Here’s a starter list of company-centric buzzwords and their co-creation alternatives. Read on and let me know if you have other terms to add to the list. I’ve started at the top of the alphabet, and I’ll look forward to sharing the latter letters with you in the coming weeks.
Advertising campaign: hammering customers with one-way messages aimed at numbing them into passive acceptance of an intellectualized view of the company’s value developed by top executives, and then creatively interpreted by an advertising agency guided by its desire to win a prize at the Advertising Awards ceremony.
The co-created alternative: in the development of an ad campaign, replace some of the agency’s pony-tailed types with some imaginative, equally pony-tailed customers, who’ll work with you to develop material based on their actual experience of your product and will do it in the hope of becoming half-famous.
Alignment: cracking employee heads until they agree with the top-down message and accept that they’ll be assigned metrics they don’t in any way influence. Use “metric” rather than the now passé “measure.” Definitely stay away from “KPI” (key performance indicator), reserved for veterans of failed quality campaigns of the ’70s and reengineering drives of the ’80s.
The co-created alternative: let the experience of rank-and-file employees co-shape the strategy map and its measures, on the silly argument that since they’re the ones doing the work, they’re more likely to align themselves effectively if they’ve participated in the drawing of the line in the first place (with some top-down guidance by the chiefs).
Branding: apply a burning-hot iron on customers’ foreheads to encourage their identification with the company’s products and image. Tattoos on intimate body parts are second-best. T-shirts are for wusses.
The co-created alternative: allow the brand to “bubble up” as the collective experience of all customers, employees, and stakeholders, on the Woodstock-like belief that if they rock with each other in the mud for a while, some good music will ensue and you’ll sell lots of records, particularly to people who wish they’d been there.
CRM (customer relationship management): guessing at what customers like by bombarding them with mailings, calls and visits until they buy something, therefore revealing a “profile” that entitles the company to send them more stuff they don’t want at increased frequency and at lower cost.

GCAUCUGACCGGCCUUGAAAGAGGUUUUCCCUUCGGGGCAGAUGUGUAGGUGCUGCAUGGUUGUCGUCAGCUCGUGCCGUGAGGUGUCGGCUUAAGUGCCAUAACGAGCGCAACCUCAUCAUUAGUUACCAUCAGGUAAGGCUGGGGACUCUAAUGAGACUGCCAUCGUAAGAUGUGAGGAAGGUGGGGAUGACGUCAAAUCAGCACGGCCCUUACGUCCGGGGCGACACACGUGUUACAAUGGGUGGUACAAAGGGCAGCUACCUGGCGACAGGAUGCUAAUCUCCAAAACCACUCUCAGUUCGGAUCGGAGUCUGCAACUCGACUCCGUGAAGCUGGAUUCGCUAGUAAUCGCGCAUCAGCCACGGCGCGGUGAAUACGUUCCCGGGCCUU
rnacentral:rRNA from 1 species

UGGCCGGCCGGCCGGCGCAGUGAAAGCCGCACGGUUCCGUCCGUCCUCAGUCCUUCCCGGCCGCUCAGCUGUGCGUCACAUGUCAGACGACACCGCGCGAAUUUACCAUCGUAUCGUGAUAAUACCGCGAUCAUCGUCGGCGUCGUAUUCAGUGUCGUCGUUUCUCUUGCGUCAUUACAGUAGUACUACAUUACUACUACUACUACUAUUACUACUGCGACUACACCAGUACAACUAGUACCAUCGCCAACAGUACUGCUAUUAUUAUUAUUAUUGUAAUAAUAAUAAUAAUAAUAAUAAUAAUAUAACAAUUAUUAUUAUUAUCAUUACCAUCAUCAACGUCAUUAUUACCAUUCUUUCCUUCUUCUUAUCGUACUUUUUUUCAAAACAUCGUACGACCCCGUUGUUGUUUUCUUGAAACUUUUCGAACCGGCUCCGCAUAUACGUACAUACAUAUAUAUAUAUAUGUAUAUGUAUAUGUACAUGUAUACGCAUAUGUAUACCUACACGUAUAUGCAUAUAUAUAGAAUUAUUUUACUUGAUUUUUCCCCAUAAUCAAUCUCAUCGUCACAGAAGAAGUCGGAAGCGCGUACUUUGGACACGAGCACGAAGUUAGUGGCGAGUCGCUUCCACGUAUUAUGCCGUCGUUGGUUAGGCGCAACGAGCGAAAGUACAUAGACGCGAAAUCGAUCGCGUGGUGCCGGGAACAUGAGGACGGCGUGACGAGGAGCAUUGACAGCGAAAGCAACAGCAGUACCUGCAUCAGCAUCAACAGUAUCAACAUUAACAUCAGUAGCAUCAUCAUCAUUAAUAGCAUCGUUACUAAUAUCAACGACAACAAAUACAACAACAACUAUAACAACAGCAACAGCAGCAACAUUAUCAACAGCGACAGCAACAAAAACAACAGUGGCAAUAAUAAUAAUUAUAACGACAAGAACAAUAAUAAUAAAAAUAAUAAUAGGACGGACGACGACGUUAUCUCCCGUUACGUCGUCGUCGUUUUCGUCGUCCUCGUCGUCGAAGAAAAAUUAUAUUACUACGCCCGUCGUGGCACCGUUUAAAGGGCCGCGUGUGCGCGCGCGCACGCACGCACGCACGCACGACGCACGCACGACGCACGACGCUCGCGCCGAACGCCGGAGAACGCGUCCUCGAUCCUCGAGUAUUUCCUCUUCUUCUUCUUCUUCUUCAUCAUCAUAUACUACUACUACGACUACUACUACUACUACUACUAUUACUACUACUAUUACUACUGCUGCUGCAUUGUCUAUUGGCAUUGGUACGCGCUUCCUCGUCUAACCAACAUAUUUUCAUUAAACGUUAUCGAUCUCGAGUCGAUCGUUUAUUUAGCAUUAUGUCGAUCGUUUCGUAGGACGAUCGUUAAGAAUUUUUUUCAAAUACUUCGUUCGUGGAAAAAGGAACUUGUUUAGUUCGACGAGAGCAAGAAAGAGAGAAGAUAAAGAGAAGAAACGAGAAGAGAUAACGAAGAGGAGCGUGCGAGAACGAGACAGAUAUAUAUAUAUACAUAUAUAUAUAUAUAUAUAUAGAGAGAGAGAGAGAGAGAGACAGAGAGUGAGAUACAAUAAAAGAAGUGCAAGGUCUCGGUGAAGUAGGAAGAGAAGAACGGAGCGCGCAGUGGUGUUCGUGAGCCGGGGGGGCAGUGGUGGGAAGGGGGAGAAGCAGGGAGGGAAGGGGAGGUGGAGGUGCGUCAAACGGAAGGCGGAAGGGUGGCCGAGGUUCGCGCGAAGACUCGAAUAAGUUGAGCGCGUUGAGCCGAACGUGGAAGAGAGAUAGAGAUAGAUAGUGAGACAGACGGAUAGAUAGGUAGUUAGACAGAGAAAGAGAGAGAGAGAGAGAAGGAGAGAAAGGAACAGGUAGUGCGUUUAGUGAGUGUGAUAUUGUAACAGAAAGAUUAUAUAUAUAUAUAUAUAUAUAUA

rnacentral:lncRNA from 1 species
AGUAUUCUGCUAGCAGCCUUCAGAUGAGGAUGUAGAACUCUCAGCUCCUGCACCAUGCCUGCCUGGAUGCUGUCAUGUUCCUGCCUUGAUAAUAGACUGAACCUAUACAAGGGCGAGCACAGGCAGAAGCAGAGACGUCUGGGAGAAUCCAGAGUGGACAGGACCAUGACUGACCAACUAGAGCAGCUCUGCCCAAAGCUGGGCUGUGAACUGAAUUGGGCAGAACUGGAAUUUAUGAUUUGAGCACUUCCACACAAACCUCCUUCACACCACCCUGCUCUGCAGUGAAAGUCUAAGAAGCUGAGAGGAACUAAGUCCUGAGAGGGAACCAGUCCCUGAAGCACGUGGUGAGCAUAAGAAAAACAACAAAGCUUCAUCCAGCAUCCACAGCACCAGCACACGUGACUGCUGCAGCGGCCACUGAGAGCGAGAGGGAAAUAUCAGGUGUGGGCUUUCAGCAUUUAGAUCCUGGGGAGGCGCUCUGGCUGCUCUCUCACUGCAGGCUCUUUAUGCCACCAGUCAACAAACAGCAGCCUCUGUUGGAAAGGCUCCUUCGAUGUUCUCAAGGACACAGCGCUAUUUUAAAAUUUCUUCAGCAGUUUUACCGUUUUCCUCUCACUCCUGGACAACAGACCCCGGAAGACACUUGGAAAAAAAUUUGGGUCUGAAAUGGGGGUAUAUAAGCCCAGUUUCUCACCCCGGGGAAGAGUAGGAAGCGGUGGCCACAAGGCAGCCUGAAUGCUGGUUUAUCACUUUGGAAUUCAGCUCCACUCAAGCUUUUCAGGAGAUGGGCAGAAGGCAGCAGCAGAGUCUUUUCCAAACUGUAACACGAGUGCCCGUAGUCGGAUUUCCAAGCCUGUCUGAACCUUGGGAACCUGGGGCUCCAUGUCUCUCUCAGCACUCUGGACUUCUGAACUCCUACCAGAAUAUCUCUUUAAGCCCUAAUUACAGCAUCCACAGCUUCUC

The co-created alternative: let customers co-design the relationship they want to build with you, i.e., move away from using hackneyed pick-up lines in the singles bar, sign-up on eHarmony, and find the type of love your potential partners are looking for.
Cross-selling: getting customers to drink more from the fire hose, on the argument that since the hose is already there, it costs the company less to market that way than if the company had to find you in the first place.
The co-created alternative: everybody hates being sold. It makes people cross (this is the little-known etymology of the term cross-selling). But people will buy experiences. The best experiences are co-created. Customers don’t mind a hose if they get to design the hose experience (or the hose itself).
Data-mining: the art of gathering FBI-like data on you and reducing your bubbly personality to the sum of transactions the system can identify about you. Blame data-mining if your last unpaid credit card bill at Wal-Mart and your back-stage-at-Led Zeppelin possession conviction disqualify you for a discount at Jiffy Lube.
The co-created alternative: news flash! Customers know more about themselves than you do. Rather than poking at the ceiling to try to figure out what the woman in the apartment upstairs is about, get up there, knock at the door, and see if she’s willing to share some part of her life with you. This can be the beginning of a beautiful friendship.